Aviation From 2000 Through 2020
“Both optimists and pessimists contribute to our society. The optimist invents the airplane and the pessimist the parachute.”– Gil Stern
Since the deregulation of the airline industry, and leading up to the year 2000, it has seen its fair share of economic ups and downs. From the inflationary periods of the late 1970s to the great economic and stock market crash of the 1980s. Even significant upheavals in the financial markets in the early to mid-1990s.
Nonetheless, the most significant period for the airline industry prior to 2020, was that of 2000 to 2019. Beginning with the .com bubble and market crash, and the period ending with the Great Recession of 2008 of which the entire world had not yet completely recovered by the end of 2019.
It is important to understand why economic collapses, financial markets, or stock markets collapse would affect the aviation industry. Most companies operating in the industry, particularly the airlines, are publicly traded companies, thus, they derive a lot of their market capitalization, valuations, and ability to raise capital from a healthy financial market. Needless to say, a significant downturn in the financial markets causes aviation businesses to be unable to raise enough capital needed to run their business - which is already operating on thin margins. To compound the problem for the airlines in particular, customers of airlines during these times need to cut back on their traveling expenses because of the economic downturn, thus lowering the revenues for the airlines.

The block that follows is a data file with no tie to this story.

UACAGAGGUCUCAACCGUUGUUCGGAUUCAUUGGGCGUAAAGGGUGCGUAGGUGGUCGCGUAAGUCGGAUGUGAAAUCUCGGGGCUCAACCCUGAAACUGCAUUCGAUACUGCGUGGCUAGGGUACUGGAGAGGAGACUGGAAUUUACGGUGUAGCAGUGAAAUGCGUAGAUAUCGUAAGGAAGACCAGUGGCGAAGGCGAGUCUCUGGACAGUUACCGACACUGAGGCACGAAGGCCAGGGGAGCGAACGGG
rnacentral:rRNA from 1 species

In the year 2000, there was a significant collapse in the equities and financial markets brought on by the technology stock bubble. This affected the aviation industry in a significant way. That being said, however, this market collapse was largely contained to the technology asset classes, and with the help of the government the aviation industry was able to mitigate any long-term effect on the wider markets, the airline industry included.
Having recovered, albeit rapidly from the 2000 technology market bubble collapse, the airline industry was rocked by the terrorist attacks of September 11, 2001, when a group of terrorists hijacked a few airliners which two flew into the World Trade Center, New York City. This was quite devastating for the airline industry, not because of its financial impact outright because of first, the fear of people to fly which then leads to lower revenue for airlines, and secondly, perhaps most significantly, the Government's response to the events by creating greater regulations to manage the airline industry for greater safety, and the national security of the United States.
As the airline industry slowly recovered from the events of 2001, trying to adapt not only to lower revenues from fewer flights due to a reduction in customers but also coping with the new regulations, airport procedures, and requirements for the airlines themselves and the aircrafts they were using in the airlines. Given the added costs, it was clear that the airline industry was not prepared for the Great Recession of 2008.